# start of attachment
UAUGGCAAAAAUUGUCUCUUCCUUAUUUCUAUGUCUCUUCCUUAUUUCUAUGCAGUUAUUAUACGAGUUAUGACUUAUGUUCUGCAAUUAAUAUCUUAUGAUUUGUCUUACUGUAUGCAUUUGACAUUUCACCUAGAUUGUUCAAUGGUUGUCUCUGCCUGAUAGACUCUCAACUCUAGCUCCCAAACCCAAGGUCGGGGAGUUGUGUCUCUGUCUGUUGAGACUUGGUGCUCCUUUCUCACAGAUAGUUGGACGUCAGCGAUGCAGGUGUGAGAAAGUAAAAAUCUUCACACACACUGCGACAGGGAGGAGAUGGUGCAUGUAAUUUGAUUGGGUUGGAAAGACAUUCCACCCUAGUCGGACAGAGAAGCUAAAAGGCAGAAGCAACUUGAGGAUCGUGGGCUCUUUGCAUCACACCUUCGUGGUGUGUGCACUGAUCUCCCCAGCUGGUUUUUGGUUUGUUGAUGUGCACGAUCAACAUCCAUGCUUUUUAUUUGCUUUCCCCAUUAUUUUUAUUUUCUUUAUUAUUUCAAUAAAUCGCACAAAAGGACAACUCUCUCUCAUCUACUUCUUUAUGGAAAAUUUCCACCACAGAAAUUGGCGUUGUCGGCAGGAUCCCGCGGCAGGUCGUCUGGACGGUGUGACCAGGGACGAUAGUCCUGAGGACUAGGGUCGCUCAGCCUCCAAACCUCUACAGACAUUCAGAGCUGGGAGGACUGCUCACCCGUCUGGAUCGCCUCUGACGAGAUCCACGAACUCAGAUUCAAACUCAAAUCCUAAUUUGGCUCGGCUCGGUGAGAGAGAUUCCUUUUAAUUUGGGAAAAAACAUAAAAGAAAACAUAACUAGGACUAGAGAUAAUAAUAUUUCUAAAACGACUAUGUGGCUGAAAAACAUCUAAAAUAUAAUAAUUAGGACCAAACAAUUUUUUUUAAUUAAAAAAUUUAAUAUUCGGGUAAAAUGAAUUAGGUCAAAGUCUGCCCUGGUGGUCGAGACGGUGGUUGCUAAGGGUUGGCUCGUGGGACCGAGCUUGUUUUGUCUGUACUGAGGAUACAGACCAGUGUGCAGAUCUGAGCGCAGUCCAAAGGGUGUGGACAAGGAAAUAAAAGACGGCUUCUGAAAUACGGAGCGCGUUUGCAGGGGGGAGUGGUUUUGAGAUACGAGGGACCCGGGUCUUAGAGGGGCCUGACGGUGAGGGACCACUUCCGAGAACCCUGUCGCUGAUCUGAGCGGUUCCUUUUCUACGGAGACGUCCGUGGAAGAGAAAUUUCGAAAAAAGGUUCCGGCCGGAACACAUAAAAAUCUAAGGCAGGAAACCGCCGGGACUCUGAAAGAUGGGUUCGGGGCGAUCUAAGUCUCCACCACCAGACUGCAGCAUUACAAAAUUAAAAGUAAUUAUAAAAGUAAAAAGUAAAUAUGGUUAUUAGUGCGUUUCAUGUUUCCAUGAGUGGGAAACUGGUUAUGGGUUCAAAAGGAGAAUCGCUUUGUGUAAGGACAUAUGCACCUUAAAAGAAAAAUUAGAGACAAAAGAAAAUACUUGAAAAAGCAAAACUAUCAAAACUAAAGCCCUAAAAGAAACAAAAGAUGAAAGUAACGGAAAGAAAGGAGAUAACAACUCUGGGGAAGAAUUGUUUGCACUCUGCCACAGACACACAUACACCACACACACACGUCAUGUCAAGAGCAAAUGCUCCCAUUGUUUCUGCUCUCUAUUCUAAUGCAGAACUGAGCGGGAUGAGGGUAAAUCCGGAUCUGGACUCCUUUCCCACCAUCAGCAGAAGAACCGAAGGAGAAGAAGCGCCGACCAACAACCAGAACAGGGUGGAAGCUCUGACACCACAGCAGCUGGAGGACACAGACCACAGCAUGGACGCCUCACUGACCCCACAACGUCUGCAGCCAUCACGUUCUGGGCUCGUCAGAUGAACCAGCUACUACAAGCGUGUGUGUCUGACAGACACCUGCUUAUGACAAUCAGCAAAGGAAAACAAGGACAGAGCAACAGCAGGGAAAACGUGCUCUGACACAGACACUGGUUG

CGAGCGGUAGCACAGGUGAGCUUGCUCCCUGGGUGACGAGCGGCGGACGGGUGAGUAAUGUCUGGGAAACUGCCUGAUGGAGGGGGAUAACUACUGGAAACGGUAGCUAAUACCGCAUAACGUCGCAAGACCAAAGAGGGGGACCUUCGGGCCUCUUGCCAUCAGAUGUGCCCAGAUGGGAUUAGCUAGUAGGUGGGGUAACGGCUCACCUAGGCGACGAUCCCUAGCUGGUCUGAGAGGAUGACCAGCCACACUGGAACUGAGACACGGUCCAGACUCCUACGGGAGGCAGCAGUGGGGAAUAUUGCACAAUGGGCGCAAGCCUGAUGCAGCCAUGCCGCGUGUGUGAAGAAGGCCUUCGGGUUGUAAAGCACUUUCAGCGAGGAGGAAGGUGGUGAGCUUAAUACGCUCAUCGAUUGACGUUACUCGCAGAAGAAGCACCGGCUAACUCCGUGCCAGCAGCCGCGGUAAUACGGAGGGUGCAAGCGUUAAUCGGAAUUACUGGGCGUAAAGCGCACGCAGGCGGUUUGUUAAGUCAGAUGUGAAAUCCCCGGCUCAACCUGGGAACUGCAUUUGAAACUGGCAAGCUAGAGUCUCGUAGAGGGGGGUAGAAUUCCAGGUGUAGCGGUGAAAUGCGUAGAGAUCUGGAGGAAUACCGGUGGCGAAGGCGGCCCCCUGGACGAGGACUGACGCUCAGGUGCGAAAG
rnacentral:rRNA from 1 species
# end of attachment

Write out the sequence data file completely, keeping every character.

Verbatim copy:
UAUGGCAAAAAUUGUCUCUUCCUUAUUUCUAUGUCUCUUCCUUAUUUCUAUGCAGUUAUUAUACGAGUUAUGACUUAUGUUCUGCAAUUAAUAUCUUAUGAUUUGUCUUACUGUAUGCAUUUGACAUUUCACCUAGAUUGUUCAAUGGUUGUCUCUGCCUGAUAGACUCUCAACUCUAGCUCCCAAACCCAAGGUCGGGGAGUUGUGUCUCUGUCUGUUGAGACUUGGUGCUCCUUUCUCACAGAUAGUUGGACGUCAGCGAUGCAGGUGUGAGAAAGUAAAAAUCUUCACACACACUGCGACAGGGAGGAGAUGGUGCAUGUAAUUUGAUUGGGUUGGAAAGACAUUCCACCCUAGUCGGACAGAGAAGCUAAAAGGCAGAAGCAACUUGAGGAUCGUGGGCUCUUUGCAUCACACCUUCGUGGUGUGUGCACUGAUCUCCCCAGCUGGUUUUUGGUUUGUUGAUGUGCACGAUCAACAUCCAUGCUUUUUAUUUGCUUUCCCCAUUAUUUUUAUUUUCUUUAUUAUUUCAAUAAAUCGCACAAAAGGACAACUCUCUCUCAUCUACUUCUUUAUGGAAAAUUUCCACCACAGAAAUUGGCGUUGUCGGCAGGAUCCCGCGGCAGGUCGUCUGGACGGUGUGACCAGGGACGAUAGUCCUGAGGACUAGGGUCGCUCAGCCUCCAAACCUCUACAGACAUUCAGAGCUGGGAGGACUGCUCACCCGUCUGGAUCGCCUCUGACGAGAUCCACGAACUCAGAUUCAAACUCAAAUCCUAAUUUGGCUCGGCUCGGUGAGAGAGAUUCCUUUUAAUUUGGGAAAAAACAUAAAAGAAAACAUAACUAGGACUAGAGAUAAUAAUAUUUCUAAAACGACUAUGUGGCUGAAAAACAUCUAAAAUAUAAUAAUUAGGACCAAACAAUUUUUUUUAAUUAAAAAAUUUAAUAUUCGGGUAAAAUGAAUUAGGUCAAAGUCUGCCCUGGUGGUCGAGACGGUGGUUGCUAAGGGUUGGCUCGUGGGACCGAGCUUGUUUUGUCUGUACUGAGGAUACAGACCAGUGUGCAGAUCUGAGCGCAGUCCAAAGGGUGUGGACAAGGAAAUAAAAGACGGCUUCUGAAAUACGGAGCGCGUUUGCAGGGGGGAGUGGUUUUGAGAUACGAGGGACCCGGGUCUUAGAGGGGCCUGACGGUGAGGGACCACUUCCGAGAACCCUGUCGCUGAUCUGAGCGGUUCCUUUUCUACGGAGACGUCCGUGGAAGAGAAAUUUCGAAAAAAGGUUCCGGCCGGAACACAUAAAAAUCUAAGGCAGGAAACCGCCGGGACUCUGAAAGAUGGGUUCGGGGCGAUCUAAGUCUCCACCACCAGACUGCAGCAUUACAAAAUUAAAAGUAAUUAUAAAAGUAAAAAGUAAAUAUGGUUAUUAGUGCGUUUCAUGUUUCCAUGAGUGGGAAACUGGUUAUGGGUUCAAAAGGAGAAUCGCUUUGUGUAAGGACAUAUGCACCUUAAAAGAAAAAUUAGAGACAAAAGAAAAUACUUGAAAAAGCAAAACUAUCAAAACUAAAGCCCUAAAAGAAACAAAAGAUGAAAGUAACGGAAAGAAAGGAGAUAACAACUCUGGGGAAGAAUUGUUUGCACUCUGCCACAGACACACAUACACCACACACACACGUCAUGUCAAGAGCAAAUGCUCCCAUUGUUUCUGCUCUCUAUUCUAAUGCAGAACUGAGCGGGAUGAGGGUAAAUCCGGAUCUGGACUCCUUUCCCACCAUCAGCAGAAGAACCGAAGGAGAAGAAGCGCCGACCAACAACCAGAACAGGGUGGAAGCUCUGACACCACAGCAGCUGGAGGACACAGACCACAGCAUGGACGCCUCACUGACCCCACAACGUCUGCAGCCAUCACGUUCUGGGCUCGUCAGAUGAACCAGCUACUACAAGCGUGUGUGUCUGACAGACACCUGCUUAUGACAAUCAGCAAAGGAAAACAAGGACAGAGCAACAGCAGGGAAAACGUGCUCUGACACAGACACUGGUUG

CGAGCGGUAGCACAGGUGAGCUUGCUCCCUGGGUGACGAGCGGCGGACGGGUGAGUAAUGUCUGGGAAACUGCCUGAUGGAGGGGGAUAACUACUGGAAACGGUAGCUAAUACCGCAUAACGUCGCAAGACCAAAGAGGGGGACCUUCGGGCCUCUUGCCAUCAGAUGUGCCCAGAUGGGAUUAGCUAGUAGGUGGGGUAACGGCUCACCUAGGCGACGAUCCCUAGCUGGUCUGAGAGGAUGACCAGCCACACUGGAACUGAGACACGGUCCAGACUCCUACGGGAGGCAGCAGUGGGGAAUAUUGCACAAUGGGCGCAAGCCUGAUGCAGCCAUGCCGCGUGUGUGAAGAAGGCCUUCGGGUUGUAAAGCACUUUCAGCGAGGAGGAAGGUGGUGAGCUUAAUACGCUCAUCGAUUGACGUUACUCGCAGAAGAAGCACCGGCUAACUCCGUGCCAGCAGCCGCGGUAAUACGGAGGGUGCAAGCGUUAAUCGGAAUUACUGGGCGUAAAGCGCACGCAGGCGGUUUGUUAAGUCAGAUGUGAAAUCCCCGGCUCAACCUGGGAACUGCAUUUGAAACUGGCAAGCUAGAGUCUCGUAGAGGGGGGUAGAAUUCCAGGUGUAGCGGUGAAAUGCGUAGAGAUCUGGAGGAAUACCGGUGGCGAAGGCGGCCCCCUGGACGAGGACUGACGCUCAGGUGCGAAAG
rnacentral:rRNA from 1 species